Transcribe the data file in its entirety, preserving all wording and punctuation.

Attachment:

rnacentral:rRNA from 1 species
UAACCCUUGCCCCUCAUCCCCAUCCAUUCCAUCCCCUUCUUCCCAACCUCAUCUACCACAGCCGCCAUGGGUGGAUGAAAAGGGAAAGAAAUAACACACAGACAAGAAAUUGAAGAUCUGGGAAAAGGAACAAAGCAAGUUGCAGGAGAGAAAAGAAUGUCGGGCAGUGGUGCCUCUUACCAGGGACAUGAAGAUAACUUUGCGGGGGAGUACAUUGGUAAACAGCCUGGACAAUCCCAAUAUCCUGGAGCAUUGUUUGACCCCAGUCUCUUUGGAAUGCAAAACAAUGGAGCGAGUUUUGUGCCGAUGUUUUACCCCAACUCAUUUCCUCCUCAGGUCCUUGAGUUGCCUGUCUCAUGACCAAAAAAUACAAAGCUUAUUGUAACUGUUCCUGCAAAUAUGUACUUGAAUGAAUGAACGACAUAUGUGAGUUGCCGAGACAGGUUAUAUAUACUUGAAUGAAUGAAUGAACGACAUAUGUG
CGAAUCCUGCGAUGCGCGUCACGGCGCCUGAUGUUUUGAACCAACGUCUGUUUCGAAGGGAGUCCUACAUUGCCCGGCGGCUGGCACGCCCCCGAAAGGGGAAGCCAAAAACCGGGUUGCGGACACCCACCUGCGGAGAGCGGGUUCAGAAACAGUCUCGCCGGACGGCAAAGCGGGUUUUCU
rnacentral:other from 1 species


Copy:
rnacentral:rRNA from 1 species
UAACCCUUGCCCCUCAUCCCCAUCCAUUCCAUCCCCUUCUUCCCAACCUCAUCUACCACAGCCGCCAUGGGUGGAUGAAAAGGGAAAGAAAUAACACACAGACAAGAAAUUGAAGAUCUGGGAAAAGGAACAAAGCAAGUUGCAGGAGAGAAAAGAAUGUCGGGCAGUGGUGCCUCUUACCAGGGACAUGAAGAUAACUUUGCGGGGGAGUACAUUGGUAAACAGCCUGGACAAUCCCAAUAUCCUGGAGCAUUGUUUGACCCCAGUCUCUUUGGAAUGCAAAACAAUGGAGCGAGUUUUGUGCCGAUGUUUUACCCCAACUCAUUUCCUCCUCAGGUCCUUGAGUUGCCUGUCUCAUGACCAAAAAAUACAAAGCUUAUUGUAACUGUUCCUGCAAAUAUGUACUUGAAUGAAUGAACGACAUAUGUGAGUUGCCGAGACAGGUUAUAUAUACUUGAAUGAAUGAAUGAACGACAUAUGUG
CGAAUCCUGCGAUGCGCGUCACGGCGCCUGAUGUUUUGAACCAACGUCUGUUUCGAAGGGAGUCCUACAUUGCCCGGCGGCUGGCACGCCCCCGAAAGGGGAAGCCAAAAACCGGGUUGCGGACACCCACCUGCGGAGAGCGGGUUCAGAAACAGUCUCGCCGGACGGCAAAGCGGGUUUUCU
rnacentral:other from 1 species